Why You Shouldn’t Take Rejection Seriously

– by Wes Colton, Introvert Unbound

rejectedAh, rejection. The mere mention of the r-word triggers many a dater’s anxiety and/or depression. Maybe if we came up with another term it wouldn’t hurt so much. How about…cold-shouldered?

I’m kidding, of course. Changing the words we use won’t make it any less painful. No, the best way to do away with the misery of rejection is to stop taking it so damned seriously.

And to help you put rejection in the proper perspective, here’s a 100% true anecdote.

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4 Things My Successful Coaching Clients Have in Common

– by Wes Colton, Introvert Unbound

successful manAs a coach who works primarily with men on their dating and social lives, I’ve noticed some major differences between clients who reach their goals and those who don’t.

If you’re looking to improve your own social life, here are four qualities cultivated by those who have done just that.


1. Not Afraid to Seek Help

Many folks with unsatisfying social lives spend a lot of time venting about their situation, often on social media. While this can sometimes be a healthy outlet, always complaining without ever taking action does nothing to improve your lot.

Every month I offer a handful of free, 20-minute e-chat consults to struggling men to discuss their dating. I don’t expect most of these folks to become paying clients, I just want to share some strategies that might help them get out of their rut, and hope they’ll take things from there.

Yet, despite their often desperate situations, a surprisingly high percentage of these guys will flat out refuse. Of course, some of them are skeptical of coaches in general, a skepticism I share, as there are a lot of frauds out there. But nine times out of ten, I don’t think their fear of wasting 20 minutes is what’s keeping them from chatting. Instead, I believe the obstacle is an unwillingness to ask for help, with the root cause being an inflated ego.

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When Should You Give Up On Dating?

– by Wes Colton, Introvert Unbound

graphicstock-cartoon-man-waving-white-flag_S78tlpumV-_thumbA surprising number of people—mostly young heterosexual men—are giving up on dating. While it’s true some of those calling it quits are doing so out of a desire to spend more time on their career or other worthwhile pursuits, for most of them it’s because they can’t find any suitable partners.

One poll reported 28 percent of men under the age of thirty didn’t have sex at all in 2018, numbers that have tripled over the last decade and are continuing to spike. While many men are still putting themselves out there, for others the disappointment and frustration have turned into despair and resentment and they’ve thrown in the towel completely.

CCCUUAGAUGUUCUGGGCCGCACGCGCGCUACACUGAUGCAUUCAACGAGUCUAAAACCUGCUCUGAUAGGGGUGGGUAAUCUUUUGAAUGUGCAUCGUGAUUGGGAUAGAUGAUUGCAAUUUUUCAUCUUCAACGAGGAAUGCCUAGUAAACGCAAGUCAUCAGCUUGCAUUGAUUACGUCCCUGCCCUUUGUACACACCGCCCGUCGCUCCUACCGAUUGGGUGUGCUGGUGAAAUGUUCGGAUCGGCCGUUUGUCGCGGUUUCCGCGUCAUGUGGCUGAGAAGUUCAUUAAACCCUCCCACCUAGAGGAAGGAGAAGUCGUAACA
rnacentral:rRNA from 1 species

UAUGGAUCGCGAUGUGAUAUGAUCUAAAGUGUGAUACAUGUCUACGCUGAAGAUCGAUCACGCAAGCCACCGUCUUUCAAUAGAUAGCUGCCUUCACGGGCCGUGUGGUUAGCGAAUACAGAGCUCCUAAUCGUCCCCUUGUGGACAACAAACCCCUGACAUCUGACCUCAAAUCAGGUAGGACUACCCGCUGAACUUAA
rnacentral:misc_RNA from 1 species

It’s my personal opinion that if a man chooses not to interact with women that’s his business and I respect his decision. However, as a dating coach I can tell you the vast majority of men who have abandoned dating have done so too soon.

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PODCAST #17: Lessons from an Introvert Master (with Gabriela Casineanu)

On episode #17 of the Introvert Unbound Podcast, Wes talks with Gabriela Casineanu, professional coach and award-winning author of “Quiet Lessons for the Introvert’s Soul” and “Introverts: Leverage Your Strengths for an Effective Job Search.”

In this wide-ranging chat, Gabriela shares her wisdom on a variety of topics, including:

  • differences between men and women introverts
  • the introvert’s hero journey
  • and whether all introverts should move to Asia

Download or stream episode here

Podcast 17

The Paradox of Self Love and Self Help

– by Wes Colton, Introvert Unbound

heart vs arm-2Those of us interested in doing “inner work” have two conflicting schools of thought to choose from. The Self Help school teaches us to tackle our weaknesses while the Self Love school wants us to accept ourselves for who we are, flaws and all. Pretty much all of us end up enrolling in one school while ditching the other.

Self Helpers tend to focus on transforming their old “loser” self into a more successful version. Of course, since most Self Helpers set unattainable goals or goals at odds with who they truly are, they rarely achieve them.

Self Lovers prefer cultivating a mindset where they’re okay with their failures. Naturally, this reluctance to take action often means that their actual life situation doesn’t improve.

But what if you didn’t have to choose between the two schools and instead could embrace the paradox of self love and self help?

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A New Definition for Introversion

– by Regina Hopkins, Introvert Unbound

introvert head

Introversion is typically defined by where you get your “energy.” Even in grad school when I was studying introversion vs. extroversion in depth, the energy definition was the one that was taught. All the books I read and lectures from my professors told me, “It’s about if you get your energy from being around others, or being alone that determines your preference for introversion or extroversion.” While I accepted this definition and went along my merry way, I never really bought into it 100%.

As fresh information comes to light and we learn new things, we re-vamp old definitions and ideas. While I’m not completely dismissing the original definition of introversion, more than 10 years later, I found a definition I like better and feels more accurate to me. Susan Cain, author of Quiet: The Power of Introverts in a World That Can’t Stop Talking, stated in a TIME article in 2012 that introversion is really about a preference for less stimulation. When I heard that definition, it just rang more true for me.

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